1. SHOTHere I have a very short pitch shot that I want to drop softly in the fringe. My lie is good, so I should be able to slide the club under the ball.2. CLUBI'm using my 60-degree because I need maximum touch. I open my stance, which pre-rotates my body to the target. This keeps the swing shallow and helps the club slide through the grass.3. SWINGI play the ball off my front heel and open the face. Then I hinge the club up and swing down along my stance. I have plenty of loft, so there's no need to flip the club. The ball comes out high and soft.
Too often on these short shots I see amateurs square their stance and then open the face. Two problems there: First, a square setup leads to a steeper swing and can cause fat contact. Second, the clubface is angled to the right -- a swing along the target line will hit the ball to the right.
Play A Rolling Shot With A One-Lever Swing
1. SHOTI have nothing but green to work with, so I don't have to fly the ball very far. The sooner I can get the ball rolling like a putt, the more accurate I can be.2. CLUBI'll chip with anything up to a 5-iron. Because I like the first bounce to be on the green, I pick the longest club that will carry the fringe. Here I'm using a 7-iron to run it up the slope; if this shot were downhill, I'd use a 9-iron and land it on the same spot.3. SWINGThe technique here is a compact, one-lever motion with minimal wrist hinge. I start from an open stance, which pre-sets my body to the target, and settle more weight on my front foot. I keep the backswing short and accelerate through the ball.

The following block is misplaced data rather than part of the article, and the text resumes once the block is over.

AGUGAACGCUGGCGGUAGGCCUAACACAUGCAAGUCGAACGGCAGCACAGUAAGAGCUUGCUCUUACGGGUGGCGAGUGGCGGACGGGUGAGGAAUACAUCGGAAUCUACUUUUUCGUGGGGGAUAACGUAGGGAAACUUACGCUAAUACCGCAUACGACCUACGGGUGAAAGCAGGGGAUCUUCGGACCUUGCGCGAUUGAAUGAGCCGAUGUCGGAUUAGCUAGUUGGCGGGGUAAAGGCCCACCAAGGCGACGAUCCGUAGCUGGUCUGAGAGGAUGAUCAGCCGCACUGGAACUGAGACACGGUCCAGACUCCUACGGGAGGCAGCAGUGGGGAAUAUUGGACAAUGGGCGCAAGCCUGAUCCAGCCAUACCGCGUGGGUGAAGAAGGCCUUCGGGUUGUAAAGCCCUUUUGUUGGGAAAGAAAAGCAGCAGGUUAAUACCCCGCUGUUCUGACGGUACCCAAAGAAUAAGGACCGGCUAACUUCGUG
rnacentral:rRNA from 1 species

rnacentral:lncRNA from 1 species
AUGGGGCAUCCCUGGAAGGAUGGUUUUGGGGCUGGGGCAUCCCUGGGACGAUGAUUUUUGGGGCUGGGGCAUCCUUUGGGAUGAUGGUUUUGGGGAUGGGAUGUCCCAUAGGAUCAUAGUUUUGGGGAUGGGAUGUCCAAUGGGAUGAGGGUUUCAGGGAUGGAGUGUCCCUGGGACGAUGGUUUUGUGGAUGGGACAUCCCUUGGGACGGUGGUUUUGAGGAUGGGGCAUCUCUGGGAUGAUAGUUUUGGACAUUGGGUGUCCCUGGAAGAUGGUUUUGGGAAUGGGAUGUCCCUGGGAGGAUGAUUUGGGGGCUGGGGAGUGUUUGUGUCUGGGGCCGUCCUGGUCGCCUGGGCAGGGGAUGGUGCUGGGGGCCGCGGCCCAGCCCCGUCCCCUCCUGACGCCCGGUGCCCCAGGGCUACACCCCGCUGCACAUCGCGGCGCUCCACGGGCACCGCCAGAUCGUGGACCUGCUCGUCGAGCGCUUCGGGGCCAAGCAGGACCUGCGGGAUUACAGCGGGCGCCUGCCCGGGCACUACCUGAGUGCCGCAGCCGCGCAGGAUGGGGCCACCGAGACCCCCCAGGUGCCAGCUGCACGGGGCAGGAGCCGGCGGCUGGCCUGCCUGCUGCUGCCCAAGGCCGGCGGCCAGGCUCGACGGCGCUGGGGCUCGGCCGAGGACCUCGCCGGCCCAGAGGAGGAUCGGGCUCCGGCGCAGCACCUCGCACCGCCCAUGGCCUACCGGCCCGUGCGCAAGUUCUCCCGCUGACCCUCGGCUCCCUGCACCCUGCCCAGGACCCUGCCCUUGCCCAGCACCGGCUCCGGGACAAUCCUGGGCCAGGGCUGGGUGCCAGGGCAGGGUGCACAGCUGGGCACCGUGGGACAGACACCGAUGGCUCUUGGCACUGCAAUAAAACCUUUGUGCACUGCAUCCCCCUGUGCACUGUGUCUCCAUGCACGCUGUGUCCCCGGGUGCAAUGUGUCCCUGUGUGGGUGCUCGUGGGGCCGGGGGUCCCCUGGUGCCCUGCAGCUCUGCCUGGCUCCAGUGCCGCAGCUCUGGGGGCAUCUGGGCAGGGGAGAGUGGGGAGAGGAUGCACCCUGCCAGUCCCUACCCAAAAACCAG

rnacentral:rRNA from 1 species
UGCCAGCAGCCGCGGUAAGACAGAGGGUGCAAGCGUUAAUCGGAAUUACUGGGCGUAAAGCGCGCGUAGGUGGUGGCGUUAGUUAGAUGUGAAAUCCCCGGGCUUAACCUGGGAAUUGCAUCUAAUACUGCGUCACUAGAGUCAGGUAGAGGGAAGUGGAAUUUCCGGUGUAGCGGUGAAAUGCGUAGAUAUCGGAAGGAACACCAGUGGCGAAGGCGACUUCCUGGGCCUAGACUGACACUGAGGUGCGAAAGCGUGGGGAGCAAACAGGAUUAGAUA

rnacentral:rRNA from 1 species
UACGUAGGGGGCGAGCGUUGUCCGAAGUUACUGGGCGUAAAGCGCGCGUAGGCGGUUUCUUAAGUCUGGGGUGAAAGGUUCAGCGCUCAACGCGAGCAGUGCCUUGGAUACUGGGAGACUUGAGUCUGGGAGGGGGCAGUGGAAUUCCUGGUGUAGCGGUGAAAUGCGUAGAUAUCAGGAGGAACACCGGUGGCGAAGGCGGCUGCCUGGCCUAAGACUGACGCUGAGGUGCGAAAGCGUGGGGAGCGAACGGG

Many amateurs automatically grab a wedge for all greenside shots. On a shot like this one, all you want to do is bump the ball onto the green. Players who try to fly it to the hole often end up dumping it halfway. With a longer club, you can make a shorter, simpler swing. That means less risk.
Hit It High With An Even Tempo Back And Through
1. SHOTWhen you have to carry a bunker or thick rough, the lofted pitch is your only choice. Visualize where you want to land the ball. This will help you decide which wedge to use. The speed of the green and whether it's sloped toward or away from you will also help determine how much loft you need.2. CLUBIf I have to stop the ball fast after it lands, I'll use my 60-degree wedge. If I can let it roll out a little, I might take my 56-degree. Remember, when you use more loft, you have to make a longer swing to cover the same distance -- and the longer the swing, the more that can go wrong. Don't take more loft just because you can. The best short-game players pick the right tool for the job.3. SWINGPlay the ball in the middle of your stance and favor your front side slightly. Take the club back and let your wrists hinge naturally -- you don't need to force extra wrist action. The key on this swing is to go back and through at the same speed. Turn your body through to face the target, and don't flip your hands to help it up.
There's so much talk about accelerating on shots around the green, I think players take it too far. If you're intent on accelerating on a 20-yard pitch, you can't make much of a backswing -- and that can really throw off your timing. Acceleration is best for chip shots. On pitches, try for the same tempo back and through.